Earlier Seahawks suspensions involved G John Moffitt, CB Winston Guy, OG Allen Barbre and a practice squad member, DT Vai Taua.
The league-leading frequency of the violations maybe make the Seahawks subject to a fine from the NFL office. According to a story on NFL.com Monday afternoon, the league has a policy about cumulative violations of PEDs and personal conduct policies in a given season that can be subject to punishment.
“There are financial consequences for a team that has multiple players suspended in a season under those policies,” league spokesman Greg Aiello said. No specifics were provided, and the Seahawks violations have come over parts of three seasons.
Apart from the administrative issues, the Seahawks are losing players for non-injury reasons, and it’s starting to annoy teammates, maybe even Russell Wilson, although when asked Monday, the Seahawks quarterback kept his emotions in check.
“Obviously we want everybody here,” Wilson said. “It’s an important thing to have everybody to be able to play at the highest level. “We’ve got to make the right decision as players.
“It doesn’t matter what the coaches say . . . we have to make the decision as players, and I think we’ll do that. We have to continue to be leaders in the locker room and make sure that everybody knows (use of performance enhancers) is unacceptable. We’ll still support the guys, whoever is in trouble or whatever, but the next guy’s got to step up.”
Speaking of stepping up, from the pragmatic standpoint of the regular season, their top two pass-rushing defensive ends, Irvin and Chris Clemons (knee surgery) will be unavailable. Then came news after the OTA that newcomer DE Cliff Avril is having trouble with a plantar fascia in a foot, hasn’t run in awhile and may need a couple of more weeks of rest.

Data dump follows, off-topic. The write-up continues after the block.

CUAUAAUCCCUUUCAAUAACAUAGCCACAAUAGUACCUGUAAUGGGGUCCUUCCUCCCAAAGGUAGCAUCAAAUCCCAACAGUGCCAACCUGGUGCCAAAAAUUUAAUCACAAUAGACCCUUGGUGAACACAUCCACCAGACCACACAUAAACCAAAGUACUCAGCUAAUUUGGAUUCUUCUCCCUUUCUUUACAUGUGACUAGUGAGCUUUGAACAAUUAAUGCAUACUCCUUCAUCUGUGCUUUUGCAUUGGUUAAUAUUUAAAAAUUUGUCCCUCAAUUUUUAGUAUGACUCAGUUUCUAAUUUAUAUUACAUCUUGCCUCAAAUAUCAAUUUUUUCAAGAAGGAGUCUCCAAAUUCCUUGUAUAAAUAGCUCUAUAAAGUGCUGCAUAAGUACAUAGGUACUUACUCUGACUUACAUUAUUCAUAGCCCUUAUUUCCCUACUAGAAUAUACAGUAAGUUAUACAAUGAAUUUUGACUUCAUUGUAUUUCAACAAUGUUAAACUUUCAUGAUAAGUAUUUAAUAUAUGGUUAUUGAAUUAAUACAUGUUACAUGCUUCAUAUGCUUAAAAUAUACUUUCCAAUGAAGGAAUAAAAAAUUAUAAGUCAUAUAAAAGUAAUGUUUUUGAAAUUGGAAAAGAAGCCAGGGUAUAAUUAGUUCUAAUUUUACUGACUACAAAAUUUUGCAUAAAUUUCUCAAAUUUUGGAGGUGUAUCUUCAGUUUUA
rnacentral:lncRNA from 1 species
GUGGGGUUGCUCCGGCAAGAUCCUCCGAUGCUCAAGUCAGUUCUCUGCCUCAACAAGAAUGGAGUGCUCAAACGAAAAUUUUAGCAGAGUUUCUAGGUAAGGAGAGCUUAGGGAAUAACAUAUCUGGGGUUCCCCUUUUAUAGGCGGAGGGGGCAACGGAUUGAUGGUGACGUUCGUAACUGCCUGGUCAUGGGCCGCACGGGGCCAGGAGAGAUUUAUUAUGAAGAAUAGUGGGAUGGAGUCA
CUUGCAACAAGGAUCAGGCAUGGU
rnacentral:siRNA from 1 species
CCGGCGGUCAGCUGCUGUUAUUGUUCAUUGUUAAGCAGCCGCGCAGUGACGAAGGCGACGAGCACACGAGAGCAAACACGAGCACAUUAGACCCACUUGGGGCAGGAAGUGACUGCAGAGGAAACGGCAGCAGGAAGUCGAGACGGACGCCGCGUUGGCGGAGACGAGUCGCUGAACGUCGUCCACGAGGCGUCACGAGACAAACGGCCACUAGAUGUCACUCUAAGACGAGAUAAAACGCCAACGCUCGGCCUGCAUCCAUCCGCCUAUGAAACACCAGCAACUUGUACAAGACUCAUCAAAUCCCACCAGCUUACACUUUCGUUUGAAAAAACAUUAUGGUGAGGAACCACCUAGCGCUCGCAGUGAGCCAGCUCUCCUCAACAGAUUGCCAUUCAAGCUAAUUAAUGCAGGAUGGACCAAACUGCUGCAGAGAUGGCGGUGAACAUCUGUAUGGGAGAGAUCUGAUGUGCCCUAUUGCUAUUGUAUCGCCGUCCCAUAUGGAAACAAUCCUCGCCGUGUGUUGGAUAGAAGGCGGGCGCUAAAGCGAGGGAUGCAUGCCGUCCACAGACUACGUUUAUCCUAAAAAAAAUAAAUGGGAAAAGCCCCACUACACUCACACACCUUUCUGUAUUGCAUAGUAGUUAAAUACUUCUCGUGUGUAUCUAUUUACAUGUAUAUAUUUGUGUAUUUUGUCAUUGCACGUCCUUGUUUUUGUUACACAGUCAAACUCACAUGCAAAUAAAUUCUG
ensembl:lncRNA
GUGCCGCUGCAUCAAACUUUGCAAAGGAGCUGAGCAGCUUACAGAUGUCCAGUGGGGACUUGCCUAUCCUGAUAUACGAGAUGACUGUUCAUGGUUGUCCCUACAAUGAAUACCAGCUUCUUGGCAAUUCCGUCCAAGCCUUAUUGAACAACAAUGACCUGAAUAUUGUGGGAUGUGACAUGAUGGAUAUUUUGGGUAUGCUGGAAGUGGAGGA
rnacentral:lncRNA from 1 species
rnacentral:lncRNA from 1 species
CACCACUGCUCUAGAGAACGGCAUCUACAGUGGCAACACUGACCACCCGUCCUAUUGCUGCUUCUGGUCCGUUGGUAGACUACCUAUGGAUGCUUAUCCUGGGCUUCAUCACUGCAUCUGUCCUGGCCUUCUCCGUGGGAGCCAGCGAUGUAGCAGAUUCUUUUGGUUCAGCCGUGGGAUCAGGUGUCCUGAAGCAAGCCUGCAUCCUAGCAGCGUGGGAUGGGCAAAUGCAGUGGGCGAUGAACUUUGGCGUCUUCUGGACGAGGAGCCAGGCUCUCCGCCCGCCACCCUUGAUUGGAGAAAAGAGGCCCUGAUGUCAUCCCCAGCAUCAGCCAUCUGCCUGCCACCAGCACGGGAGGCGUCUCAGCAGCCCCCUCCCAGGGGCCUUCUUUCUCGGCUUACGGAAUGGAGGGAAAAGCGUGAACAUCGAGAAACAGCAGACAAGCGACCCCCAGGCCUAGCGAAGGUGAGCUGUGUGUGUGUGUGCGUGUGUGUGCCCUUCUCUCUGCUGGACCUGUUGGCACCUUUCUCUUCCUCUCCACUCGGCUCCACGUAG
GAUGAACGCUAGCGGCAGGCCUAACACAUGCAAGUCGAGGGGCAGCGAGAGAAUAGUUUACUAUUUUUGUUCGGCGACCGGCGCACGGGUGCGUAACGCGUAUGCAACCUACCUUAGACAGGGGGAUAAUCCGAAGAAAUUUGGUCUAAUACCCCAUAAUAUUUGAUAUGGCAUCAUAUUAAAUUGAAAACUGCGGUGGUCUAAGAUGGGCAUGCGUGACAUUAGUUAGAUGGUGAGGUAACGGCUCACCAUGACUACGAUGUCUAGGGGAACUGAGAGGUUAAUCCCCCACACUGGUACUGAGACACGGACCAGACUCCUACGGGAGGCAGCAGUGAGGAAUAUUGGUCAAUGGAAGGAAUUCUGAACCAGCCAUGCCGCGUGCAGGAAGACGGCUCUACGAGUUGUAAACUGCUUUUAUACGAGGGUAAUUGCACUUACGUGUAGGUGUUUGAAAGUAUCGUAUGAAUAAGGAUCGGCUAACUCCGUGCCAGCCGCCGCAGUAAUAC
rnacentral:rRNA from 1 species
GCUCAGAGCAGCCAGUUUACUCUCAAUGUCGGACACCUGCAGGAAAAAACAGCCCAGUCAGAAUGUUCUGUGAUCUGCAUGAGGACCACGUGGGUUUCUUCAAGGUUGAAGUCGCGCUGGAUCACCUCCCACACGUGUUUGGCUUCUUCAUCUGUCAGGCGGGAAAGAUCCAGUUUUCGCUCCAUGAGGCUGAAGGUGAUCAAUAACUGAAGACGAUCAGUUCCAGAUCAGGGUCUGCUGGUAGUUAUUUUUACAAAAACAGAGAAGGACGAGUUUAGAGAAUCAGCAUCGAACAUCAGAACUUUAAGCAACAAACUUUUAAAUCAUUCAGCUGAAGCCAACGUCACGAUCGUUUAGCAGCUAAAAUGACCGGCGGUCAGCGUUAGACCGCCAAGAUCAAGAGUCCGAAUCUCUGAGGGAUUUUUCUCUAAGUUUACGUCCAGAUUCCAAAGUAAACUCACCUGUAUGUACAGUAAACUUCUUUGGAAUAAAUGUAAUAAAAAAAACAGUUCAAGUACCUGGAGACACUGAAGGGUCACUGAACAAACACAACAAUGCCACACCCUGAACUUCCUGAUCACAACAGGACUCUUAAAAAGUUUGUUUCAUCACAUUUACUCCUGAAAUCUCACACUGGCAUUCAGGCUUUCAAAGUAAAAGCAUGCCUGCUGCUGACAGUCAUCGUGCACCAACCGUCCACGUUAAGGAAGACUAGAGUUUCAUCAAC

There’s no indication yet it’s a threat to the season, but the injury has the capacity to linger. Nevertheless, the Seahawks are now thin in a position they targeted to strengthen in the offseason.
Nor did it help that RB Marshawn Lynch, the team’s key to a run-dominated offense, chose not to show. The OTAs are not mandatory, and Lynch is not injured.
“We miss him and we’d like him to be here,” Carroll said. “He came in here 10 days ago, and is he’s in very good shape.”
Given the anticipation for the Seahawks’ season, every bit of unfavorable news stands out like a spaghetti-sauce stain on a Marine in dress uniform. And it’s especially true when the slop is self-inflicted.
If this Adderall-abuse business is true, we all know it is not unique to one team, nor one industry. We also know that most competitors in any endeavor are looking for undetectable edges.
But the Seahawks nevertheless are an unusual team, because they appear to be championship-caliber. If these readily avoidable violations are an indicator of the response to that pressure, this team is more vulnerable than it appears, and at the very least in need of a Three Stooges-style serial dope-slap.
Wilson should feel free to grab a stool and start going down the row.